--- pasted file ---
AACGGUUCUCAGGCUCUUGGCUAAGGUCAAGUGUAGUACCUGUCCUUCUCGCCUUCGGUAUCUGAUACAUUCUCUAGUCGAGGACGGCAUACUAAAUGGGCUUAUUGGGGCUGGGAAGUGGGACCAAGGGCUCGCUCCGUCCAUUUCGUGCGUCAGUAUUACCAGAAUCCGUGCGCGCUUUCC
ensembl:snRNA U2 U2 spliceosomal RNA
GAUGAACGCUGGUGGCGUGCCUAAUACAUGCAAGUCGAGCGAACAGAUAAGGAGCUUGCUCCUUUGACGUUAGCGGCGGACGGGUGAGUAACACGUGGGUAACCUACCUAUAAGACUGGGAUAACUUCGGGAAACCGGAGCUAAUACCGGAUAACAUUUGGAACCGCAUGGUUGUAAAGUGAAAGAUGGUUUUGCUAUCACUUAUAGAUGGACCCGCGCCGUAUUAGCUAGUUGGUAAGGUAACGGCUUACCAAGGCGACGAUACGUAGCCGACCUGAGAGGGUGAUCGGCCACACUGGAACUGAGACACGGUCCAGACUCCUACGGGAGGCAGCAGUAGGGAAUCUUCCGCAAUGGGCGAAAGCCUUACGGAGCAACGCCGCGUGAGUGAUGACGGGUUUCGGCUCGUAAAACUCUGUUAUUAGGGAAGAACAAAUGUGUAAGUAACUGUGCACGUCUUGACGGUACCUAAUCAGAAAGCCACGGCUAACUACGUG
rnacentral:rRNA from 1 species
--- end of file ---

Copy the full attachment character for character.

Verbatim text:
AACGGUUCUCAGGCUCUUGGCUAAGGUCAAGUGUAGUACCUGUCCUUCUCGCCUUCGGUAUCUGAUACAUUCUCUAGUCGAGGACGGCAUACUAAAUGGGCUUAUUGGGGCUGGGAAGUGGGACCAAGGGCUCGCUCCGUCCAUUUCGUGCGUCAGUAUUACCAGAAUCCGUGCGCGCUUUCC
ensembl:snRNA U2 U2 spliceosomal RNA
GAUGAACGCUGGUGGCGUGCCUAAUACAUGCAAGUCGAGCGAACAGAUAAGGAGCUUGCUCCUUUGACGUUAGCGGCGGACGGGUGAGUAACACGUGGGUAACCUACCUAUAAGACUGGGAUAACUUCGGGAAACCGGAGCUAAUACCGGAUAACAUUUGGAACCGCAUGGUUGUAAAGUGAAAGAUGGUUUUGCUAUCACUUAUAGAUGGACCCGCGCCGUAUUAGCUAGUUGGUAAGGUAACGGCUUACCAAGGCGACGAUACGUAGCCGACCUGAGAGGGUGAUCGGCCACACUGGAACUGAGACACGGUCCAGACUCCUACGGGAGGCAGCAGUAGGGAAUCUUCCGCAAUGGGCGAAAGCCUUACGGAGCAACGCCGCGUGAGUGAUGACGGGUUUCGGCUCGUAAAACUCUGUUAUUAGGGAAGAACAAAUGUGUAAGUAACUGUGCACGUCUUGACGGUACCUAAUCAGAAAGCCACGGCUAACUACGUG
rnacentral:rRNA from 1 species